by Ivan (Author)
About this book we are told:
This book explores the nexus of art, personal piety, and self-representation in the last centuries of Byzantium. Spanning the period from around 1100 to around 1450, it focuses upon the evidence of verse inscriptions, or epigrams, on works of art. Epigrammatic poetry, Professor Drpić argues, constitutes a critical - if largely neglected - source for reconstructing aesthetic and socio-cultural discourses that informed the making, use, and perception of art in the Byzantine world. Bringing together art-historical and literary modes of analysis, the book examines epigrams and other related texts alongside an array of objects, including icons, reliquaries, ecclesiastical textiles, mosaics, and entire church buildings. By attending to such diverse topics as devotional self-fashioning, the aesthetics of adornment, sacred giving, and the erotics of the icon, this study offers a penetrating and highly original account of Byzantine art and its place in Byzantine society and religious life.The second also comes to us from Cambridge UP. Authored by Cecily J. Hilsdale, Byzantine Art and Diplomacy in an Age of Decline, at 424pp. is a hefty tome about which the publisher tells us:
The Late Byzantine period (1261 1453) is marked by a paradoxical discrepancy between economic weakness and cultural strength. The apparent enigma can be resolved by recognizing that later Byzantine diplomatic strategies, despite or because of diminishing political advantage, relied on an increasingly desirable cultural and artistic heritage. This book reassesses the role of the visual arts in this era by examining the imperial image and the gift as reconceived in the final two centuries of the Byzantine Empire. In particular it traces a series of luxury objects created specifically for diplomatic exchange with such courts as Genoa, Paris and Moscow alongside key examples of imperial imagery and ritual. By questioning how political decline refigured the visual culture of empire, Cecily J. Hilsdale offers a more nuanced and dynamic account of medieval cultural exchange that considers the temporal dimensions of power and the changing fates of empires."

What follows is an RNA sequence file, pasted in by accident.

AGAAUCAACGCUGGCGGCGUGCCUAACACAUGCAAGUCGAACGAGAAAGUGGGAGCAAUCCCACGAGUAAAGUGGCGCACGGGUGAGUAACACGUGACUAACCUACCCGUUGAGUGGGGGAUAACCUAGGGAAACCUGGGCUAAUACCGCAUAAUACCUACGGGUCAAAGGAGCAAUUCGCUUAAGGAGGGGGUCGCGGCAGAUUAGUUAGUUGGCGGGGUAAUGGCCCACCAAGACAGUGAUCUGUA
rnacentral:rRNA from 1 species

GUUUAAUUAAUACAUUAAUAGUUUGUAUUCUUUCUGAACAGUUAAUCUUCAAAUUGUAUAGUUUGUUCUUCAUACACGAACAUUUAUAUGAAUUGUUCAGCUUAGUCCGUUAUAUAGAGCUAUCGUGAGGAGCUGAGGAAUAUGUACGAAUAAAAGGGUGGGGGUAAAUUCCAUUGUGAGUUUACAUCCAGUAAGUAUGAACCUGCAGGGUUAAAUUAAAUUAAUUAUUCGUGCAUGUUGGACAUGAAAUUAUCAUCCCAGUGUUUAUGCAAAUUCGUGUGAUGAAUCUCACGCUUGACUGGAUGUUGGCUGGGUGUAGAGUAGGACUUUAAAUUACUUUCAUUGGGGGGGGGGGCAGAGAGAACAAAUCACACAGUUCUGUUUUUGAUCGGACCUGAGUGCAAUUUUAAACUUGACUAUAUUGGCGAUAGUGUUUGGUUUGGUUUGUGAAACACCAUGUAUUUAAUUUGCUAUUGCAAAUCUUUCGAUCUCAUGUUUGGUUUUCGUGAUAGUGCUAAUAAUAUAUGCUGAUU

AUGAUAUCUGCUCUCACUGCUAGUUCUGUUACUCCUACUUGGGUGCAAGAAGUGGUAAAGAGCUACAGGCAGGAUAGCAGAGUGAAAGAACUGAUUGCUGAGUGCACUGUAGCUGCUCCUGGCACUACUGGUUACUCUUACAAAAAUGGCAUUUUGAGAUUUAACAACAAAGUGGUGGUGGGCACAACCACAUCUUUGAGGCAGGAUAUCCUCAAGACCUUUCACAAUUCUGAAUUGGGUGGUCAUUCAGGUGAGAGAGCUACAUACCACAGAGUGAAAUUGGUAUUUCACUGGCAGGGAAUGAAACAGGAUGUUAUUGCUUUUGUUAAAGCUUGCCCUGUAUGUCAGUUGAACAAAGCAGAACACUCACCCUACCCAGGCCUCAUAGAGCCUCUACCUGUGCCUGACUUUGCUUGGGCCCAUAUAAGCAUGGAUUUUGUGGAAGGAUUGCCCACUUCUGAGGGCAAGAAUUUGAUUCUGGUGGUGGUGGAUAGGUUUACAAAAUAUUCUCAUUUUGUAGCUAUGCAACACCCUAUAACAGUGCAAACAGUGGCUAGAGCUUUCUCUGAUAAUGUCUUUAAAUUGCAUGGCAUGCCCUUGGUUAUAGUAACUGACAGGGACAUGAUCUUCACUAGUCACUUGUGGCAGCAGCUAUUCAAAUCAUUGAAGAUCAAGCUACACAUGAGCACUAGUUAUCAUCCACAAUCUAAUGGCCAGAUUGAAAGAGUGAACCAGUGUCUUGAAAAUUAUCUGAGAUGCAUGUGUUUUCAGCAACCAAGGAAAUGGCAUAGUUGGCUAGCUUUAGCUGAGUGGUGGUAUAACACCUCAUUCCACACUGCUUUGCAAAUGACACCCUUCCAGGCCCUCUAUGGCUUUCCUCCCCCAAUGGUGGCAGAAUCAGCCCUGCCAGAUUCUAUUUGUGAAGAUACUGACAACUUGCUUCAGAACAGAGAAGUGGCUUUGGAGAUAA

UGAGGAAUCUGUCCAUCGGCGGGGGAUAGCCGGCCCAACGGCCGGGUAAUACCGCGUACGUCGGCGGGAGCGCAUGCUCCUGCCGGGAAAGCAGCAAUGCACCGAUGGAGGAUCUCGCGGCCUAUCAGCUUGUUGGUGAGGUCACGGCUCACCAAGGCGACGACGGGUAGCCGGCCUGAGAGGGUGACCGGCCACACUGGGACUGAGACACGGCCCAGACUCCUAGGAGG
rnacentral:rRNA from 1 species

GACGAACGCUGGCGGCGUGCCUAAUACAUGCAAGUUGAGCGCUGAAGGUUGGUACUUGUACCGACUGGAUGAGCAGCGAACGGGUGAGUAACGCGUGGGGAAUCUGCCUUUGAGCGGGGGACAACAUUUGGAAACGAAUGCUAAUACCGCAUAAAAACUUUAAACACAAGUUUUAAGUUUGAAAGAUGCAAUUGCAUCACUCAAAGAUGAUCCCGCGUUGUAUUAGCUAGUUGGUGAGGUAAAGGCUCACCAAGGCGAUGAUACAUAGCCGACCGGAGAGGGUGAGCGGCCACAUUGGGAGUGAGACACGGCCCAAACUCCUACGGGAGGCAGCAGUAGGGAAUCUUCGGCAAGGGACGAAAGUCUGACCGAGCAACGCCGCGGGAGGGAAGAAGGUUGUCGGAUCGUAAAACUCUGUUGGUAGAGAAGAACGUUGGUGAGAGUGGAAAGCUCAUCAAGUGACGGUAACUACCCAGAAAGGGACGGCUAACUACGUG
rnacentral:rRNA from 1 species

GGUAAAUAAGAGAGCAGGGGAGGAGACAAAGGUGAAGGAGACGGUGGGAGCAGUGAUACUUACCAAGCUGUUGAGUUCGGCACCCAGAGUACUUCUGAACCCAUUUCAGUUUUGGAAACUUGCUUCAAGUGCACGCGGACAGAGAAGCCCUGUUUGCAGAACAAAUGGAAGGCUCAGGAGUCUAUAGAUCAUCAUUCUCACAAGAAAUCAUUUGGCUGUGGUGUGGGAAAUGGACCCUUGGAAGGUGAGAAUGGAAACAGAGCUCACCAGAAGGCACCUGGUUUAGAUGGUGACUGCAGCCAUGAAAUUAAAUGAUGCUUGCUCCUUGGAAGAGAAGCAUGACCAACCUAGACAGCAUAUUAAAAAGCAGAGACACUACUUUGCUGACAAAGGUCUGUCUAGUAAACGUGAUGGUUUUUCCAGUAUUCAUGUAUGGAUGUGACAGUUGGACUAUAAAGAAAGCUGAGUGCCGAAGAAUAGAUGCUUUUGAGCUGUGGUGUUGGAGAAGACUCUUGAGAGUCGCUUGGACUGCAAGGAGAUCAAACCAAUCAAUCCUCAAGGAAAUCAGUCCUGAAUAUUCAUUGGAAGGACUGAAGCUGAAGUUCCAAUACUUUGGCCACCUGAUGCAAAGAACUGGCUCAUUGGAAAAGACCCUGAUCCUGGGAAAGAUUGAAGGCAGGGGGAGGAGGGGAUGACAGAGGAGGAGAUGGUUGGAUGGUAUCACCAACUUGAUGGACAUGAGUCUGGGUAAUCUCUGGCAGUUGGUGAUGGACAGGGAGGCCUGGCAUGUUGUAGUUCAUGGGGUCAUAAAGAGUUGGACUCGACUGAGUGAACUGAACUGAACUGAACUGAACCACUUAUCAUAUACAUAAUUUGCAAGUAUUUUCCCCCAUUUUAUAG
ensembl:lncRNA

The third collection treats biblical art in Byzantium but also more widely: Scot McKendrick and Kathleen Doyle, The Art of the Bible: Illuminated Manuscripts from the Medieval World (Thames and Hudson, 2016, 336pp.).
About this book we are told:
A beautiful and informative exploration of the illuminated manuscripts of the Bible over a millennium and across the globe, shedding new light on some of the most significant, yet rarely seen, paintings of the Middle Ages
For two millennia the Bible has inspired the creation of extraordinary art. Within this history illuminated biblical manuscripts are among the best tools for understanding early Christian painting and artistic interpretations of the Bible.
This extensively illustrated new book, compiled and written by two internationally renowned experts, transports readers, by way of forty-five featured manuscripts, across the globe and through 1,000 years of history. Passing chronologically through many of the major centers of the Christian world, from Constantinople and imperial Aachen to Canterbury, Mozarabic Spain, Crusader Jerusalem, northern Iraq, Paris, London, Bologna, and Rome, Scot McKendrick and Kathleen Doyle shed light on some of the finest but least-known paintings from the Middle Ages, and on the development of art, literature, and civilization as we know it.